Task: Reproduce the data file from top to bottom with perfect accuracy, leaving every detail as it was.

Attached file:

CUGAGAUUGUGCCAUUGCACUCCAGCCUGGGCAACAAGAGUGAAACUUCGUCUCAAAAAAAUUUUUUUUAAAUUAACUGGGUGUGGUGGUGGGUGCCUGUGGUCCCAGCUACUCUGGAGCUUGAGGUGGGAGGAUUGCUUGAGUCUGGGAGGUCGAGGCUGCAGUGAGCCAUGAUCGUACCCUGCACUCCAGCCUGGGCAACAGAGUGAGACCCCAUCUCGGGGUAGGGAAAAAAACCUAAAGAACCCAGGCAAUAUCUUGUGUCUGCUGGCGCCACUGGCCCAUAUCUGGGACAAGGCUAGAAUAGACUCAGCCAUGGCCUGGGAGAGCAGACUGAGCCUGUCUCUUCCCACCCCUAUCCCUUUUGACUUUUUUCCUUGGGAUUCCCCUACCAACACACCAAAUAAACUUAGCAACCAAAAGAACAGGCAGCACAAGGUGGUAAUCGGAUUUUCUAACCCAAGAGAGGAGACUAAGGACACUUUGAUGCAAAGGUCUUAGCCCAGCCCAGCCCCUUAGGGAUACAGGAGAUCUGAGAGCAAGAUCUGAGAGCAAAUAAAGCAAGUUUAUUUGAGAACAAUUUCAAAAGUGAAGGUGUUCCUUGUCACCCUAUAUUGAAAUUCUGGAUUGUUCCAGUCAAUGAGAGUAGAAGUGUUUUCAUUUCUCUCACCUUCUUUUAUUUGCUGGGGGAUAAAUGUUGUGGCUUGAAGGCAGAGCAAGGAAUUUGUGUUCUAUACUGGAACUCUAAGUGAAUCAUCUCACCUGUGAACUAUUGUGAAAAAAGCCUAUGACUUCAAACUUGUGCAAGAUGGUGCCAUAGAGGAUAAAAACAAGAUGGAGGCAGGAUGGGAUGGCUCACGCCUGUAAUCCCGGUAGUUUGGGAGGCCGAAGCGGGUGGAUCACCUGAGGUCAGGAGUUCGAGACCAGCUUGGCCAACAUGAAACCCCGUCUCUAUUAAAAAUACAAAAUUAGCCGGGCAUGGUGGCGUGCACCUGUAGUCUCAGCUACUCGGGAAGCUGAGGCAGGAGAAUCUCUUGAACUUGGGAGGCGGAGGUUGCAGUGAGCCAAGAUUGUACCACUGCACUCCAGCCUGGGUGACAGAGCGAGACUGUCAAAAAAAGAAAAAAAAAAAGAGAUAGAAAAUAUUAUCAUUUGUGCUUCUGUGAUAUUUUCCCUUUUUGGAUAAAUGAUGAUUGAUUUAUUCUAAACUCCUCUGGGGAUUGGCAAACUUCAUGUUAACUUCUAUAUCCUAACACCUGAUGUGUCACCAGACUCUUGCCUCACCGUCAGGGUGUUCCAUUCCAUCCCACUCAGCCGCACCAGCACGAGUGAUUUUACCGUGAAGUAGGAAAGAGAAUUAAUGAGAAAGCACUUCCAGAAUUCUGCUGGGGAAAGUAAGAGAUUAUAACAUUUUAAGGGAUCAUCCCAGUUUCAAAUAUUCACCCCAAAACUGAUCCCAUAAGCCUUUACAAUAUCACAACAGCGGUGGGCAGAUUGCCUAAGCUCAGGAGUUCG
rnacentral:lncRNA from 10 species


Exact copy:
CUGAGAUUGUGCCAUUGCACUCCAGCCUGGGCAACAAGAGUGAAACUUCGUCUCAAAAAAAUUUUUUUUAAAUUAACUGGGUGUGGUGGUGGGUGCCUGUGGUCCCAGCUACUCUGGAGCUUGAGGUGGGAGGAUUGCUUGAGUCUGGGAGGUCGAGGCUGCAGUGAGCCAUGAUCGUACCCUGCACUCCAGCCUGGGCAACAGAGUGAGACCCCAUCUCGGGGUAGGGAAAAAAACCUAAAGAACCCAGGCAAUAUCUUGUGUCUGCUGGCGCCACUGGCCCAUAUCUGGGACAAGGCUAGAAUAGACUCAGCCAUGGCCUGGGAGAGCAGACUGAGCCUGUCUCUUCCCACCCCUAUCCCUUUUGACUUUUUUCCUUGGGAUUCCCCUACCAACACACCAAAUAAACUUAGCAACCAAAAGAACAGGCAGCACAAGGUGGUAAUCGGAUUUUCUAACCCAAGAGAGGAGACUAAGGACACUUUGAUGCAAAGGUCUUAGCCCAGCCCAGCCCCUUAGGGAUACAGGAGAUCUGAGAGCAAGAUCUGAGAGCAAAUAAAGCAAGUUUAUUUGAGAACAAUUUCAAAAGUGAAGGUGUUCCUUGUCACCCUAUAUUGAAAUUCUGGAUUGUUCCAGUCAAUGAGAGUAGAAGUGUUUUCAUUUCUCUCACCUUCUUUUAUUUGCUGGGGGAUAAAUGUUGUGGCUUGAAGGCAGAGCAAGGAAUUUGUGUUCUAUACUGGAACUCUAAGUGAAUCAUCUCACCUGUGAACUAUUGUGAAAAAAGCCUAUGACUUCAAACUUGUGCAAGAUGGUGCCAUAGAGGAUAAAAACAAGAUGGAGGCAGGAUGGGAUGGCUCACGCCUGUAAUCCCGGUAGUUUGGGAGGCCGAAGCGGGUGGAUCACCUGAGGUCAGGAGUUCGAGACCAGCUUGGCCAACAUGAAACCCCGUCUCUAUUAAAAAUACAAAAUUAGCCGGGCAUGGUGGCGUGCACCUGUAGUCUCAGCUACUCGGGAAGCUGAGGCAGGAGAAUCUCUUGAACUUGGGAGGCGGAGGUUGCAGUGAGCCAAGAUUGUACCACUGCACUCCAGCCUGGGUGACAGAGCGAGACUGUCAAAAAAAGAAAAAAAAAAAGAGAUAGAAAAUAUUAUCAUUUGUGCUUCUGUGAUAUUUUCCCUUUUUGGAUAAAUGAUGAUUGAUUUAUUCUAAACUCCUCUGGGGAUUGGCAAACUUCAUGUUAACUUCUAUAUCCUAACACCUGAUGUGUCACCAGACUCUUGCCUCACCGUCAGGGUGUUCCAUUCCAUCCCACUCAGCCGCACCAGCACGAGUGAUUUUACCGUGAAGUAGGAAAGAGAAUUAAUGAGAAAGCACUUCCAGAAUUCUGCUGGGGAAAGUAAGAGAUUAUAACAUUUUAAGGGAUCAUCCCAGUUUCAAAUAUUCACCCCAAAACUGAUCCCAUAAGCCUUUACAAUAUCACAACAGCGGUGGGCAGAUUGCCUAAGCUCAGGAGUUCG
rnacentral:lncRNA from 10 species